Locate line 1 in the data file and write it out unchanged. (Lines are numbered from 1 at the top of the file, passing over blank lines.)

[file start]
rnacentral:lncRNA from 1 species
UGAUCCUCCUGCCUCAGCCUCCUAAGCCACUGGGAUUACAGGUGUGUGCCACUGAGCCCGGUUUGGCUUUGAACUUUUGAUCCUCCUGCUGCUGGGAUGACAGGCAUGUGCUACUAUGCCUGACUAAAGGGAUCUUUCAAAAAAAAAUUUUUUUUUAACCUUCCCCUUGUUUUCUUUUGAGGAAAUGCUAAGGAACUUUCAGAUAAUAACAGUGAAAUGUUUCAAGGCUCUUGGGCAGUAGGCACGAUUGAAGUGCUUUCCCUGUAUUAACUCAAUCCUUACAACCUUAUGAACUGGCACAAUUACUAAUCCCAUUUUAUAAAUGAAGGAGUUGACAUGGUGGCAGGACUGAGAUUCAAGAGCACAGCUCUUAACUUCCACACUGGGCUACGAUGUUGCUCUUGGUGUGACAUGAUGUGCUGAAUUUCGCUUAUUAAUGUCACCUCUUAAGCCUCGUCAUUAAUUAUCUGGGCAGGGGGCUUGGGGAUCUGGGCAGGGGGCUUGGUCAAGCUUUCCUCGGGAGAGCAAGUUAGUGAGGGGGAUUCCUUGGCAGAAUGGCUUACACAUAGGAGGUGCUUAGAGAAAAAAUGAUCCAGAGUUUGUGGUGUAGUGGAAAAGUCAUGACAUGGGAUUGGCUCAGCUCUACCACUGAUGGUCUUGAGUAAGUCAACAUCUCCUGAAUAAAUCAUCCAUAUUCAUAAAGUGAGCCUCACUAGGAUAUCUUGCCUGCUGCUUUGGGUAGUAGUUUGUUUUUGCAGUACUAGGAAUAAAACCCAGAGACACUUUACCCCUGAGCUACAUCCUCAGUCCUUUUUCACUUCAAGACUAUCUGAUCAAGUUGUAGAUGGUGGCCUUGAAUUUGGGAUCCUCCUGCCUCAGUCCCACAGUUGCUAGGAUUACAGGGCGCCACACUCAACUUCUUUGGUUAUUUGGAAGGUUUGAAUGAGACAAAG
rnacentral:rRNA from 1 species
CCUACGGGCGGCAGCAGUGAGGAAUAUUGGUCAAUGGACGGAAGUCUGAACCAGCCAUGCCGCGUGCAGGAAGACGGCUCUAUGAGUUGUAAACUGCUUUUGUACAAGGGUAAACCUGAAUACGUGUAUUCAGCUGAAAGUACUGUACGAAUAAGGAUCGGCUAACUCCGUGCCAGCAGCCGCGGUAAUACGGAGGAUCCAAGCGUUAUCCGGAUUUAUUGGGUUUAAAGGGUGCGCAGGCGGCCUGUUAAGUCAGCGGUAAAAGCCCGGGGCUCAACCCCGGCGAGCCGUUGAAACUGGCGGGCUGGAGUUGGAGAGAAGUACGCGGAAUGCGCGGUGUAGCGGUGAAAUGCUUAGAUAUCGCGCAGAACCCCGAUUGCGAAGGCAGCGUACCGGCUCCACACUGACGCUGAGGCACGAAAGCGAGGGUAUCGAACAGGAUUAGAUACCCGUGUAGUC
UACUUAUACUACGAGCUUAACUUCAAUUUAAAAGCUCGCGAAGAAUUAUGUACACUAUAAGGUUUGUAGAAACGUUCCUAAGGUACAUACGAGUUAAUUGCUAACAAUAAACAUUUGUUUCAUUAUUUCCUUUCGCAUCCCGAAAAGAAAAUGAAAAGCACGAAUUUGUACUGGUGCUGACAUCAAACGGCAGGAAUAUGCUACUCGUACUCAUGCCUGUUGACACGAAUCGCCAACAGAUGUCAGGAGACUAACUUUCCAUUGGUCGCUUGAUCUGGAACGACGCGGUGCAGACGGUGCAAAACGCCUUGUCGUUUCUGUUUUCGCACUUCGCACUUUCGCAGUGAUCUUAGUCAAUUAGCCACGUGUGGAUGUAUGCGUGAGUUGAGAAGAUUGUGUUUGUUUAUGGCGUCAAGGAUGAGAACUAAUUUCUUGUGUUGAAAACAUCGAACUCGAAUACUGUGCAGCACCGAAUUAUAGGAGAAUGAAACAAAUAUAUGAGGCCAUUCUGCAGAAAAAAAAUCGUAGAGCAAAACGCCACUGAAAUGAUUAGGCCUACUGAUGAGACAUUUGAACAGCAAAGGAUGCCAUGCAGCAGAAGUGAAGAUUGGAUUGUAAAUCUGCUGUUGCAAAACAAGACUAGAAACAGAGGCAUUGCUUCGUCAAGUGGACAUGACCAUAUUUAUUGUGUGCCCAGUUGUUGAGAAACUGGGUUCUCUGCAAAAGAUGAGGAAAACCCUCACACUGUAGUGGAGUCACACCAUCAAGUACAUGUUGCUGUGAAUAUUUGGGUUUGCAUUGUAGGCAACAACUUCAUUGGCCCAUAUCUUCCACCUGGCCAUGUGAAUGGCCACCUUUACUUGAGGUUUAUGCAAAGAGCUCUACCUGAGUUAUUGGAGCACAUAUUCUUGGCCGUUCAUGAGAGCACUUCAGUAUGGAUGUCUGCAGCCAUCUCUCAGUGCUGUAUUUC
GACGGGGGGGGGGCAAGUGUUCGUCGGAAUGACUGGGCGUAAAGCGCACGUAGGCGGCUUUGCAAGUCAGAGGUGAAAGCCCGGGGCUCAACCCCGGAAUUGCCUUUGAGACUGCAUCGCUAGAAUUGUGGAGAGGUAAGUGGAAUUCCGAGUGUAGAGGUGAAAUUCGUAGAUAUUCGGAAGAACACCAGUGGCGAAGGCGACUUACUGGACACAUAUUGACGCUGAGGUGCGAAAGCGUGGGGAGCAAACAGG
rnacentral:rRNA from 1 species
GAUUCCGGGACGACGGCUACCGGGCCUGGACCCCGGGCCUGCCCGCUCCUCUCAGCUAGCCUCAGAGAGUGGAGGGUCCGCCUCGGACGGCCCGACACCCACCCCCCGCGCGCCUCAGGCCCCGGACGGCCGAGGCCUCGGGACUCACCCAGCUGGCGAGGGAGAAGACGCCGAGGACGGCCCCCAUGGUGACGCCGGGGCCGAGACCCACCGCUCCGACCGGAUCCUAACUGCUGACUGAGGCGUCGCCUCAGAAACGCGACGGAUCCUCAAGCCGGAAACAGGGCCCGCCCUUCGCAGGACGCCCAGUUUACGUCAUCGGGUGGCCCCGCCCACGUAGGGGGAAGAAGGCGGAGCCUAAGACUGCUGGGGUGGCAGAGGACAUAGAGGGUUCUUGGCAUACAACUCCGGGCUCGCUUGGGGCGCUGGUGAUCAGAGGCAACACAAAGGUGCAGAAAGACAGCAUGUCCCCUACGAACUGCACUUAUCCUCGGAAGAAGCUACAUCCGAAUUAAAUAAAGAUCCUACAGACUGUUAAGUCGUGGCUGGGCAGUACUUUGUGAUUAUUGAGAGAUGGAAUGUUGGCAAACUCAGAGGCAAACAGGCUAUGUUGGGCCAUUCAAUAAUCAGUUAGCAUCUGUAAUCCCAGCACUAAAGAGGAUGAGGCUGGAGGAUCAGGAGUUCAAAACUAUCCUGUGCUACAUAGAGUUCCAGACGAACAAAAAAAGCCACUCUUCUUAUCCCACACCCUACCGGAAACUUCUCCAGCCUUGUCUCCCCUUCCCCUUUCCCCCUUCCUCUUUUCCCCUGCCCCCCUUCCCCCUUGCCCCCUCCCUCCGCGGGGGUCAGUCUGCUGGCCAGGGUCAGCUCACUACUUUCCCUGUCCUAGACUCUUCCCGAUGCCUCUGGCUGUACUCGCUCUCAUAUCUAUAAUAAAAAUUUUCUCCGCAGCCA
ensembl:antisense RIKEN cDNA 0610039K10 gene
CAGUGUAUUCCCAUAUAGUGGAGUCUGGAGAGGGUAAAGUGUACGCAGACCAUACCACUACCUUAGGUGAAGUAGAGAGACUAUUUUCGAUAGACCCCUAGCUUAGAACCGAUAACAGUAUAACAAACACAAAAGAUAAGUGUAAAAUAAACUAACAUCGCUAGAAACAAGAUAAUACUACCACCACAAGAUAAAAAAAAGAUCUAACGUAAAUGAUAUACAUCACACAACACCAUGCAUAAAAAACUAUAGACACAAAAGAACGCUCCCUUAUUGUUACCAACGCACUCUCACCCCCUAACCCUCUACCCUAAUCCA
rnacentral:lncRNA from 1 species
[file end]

rnacentral:lncRNA from 1 species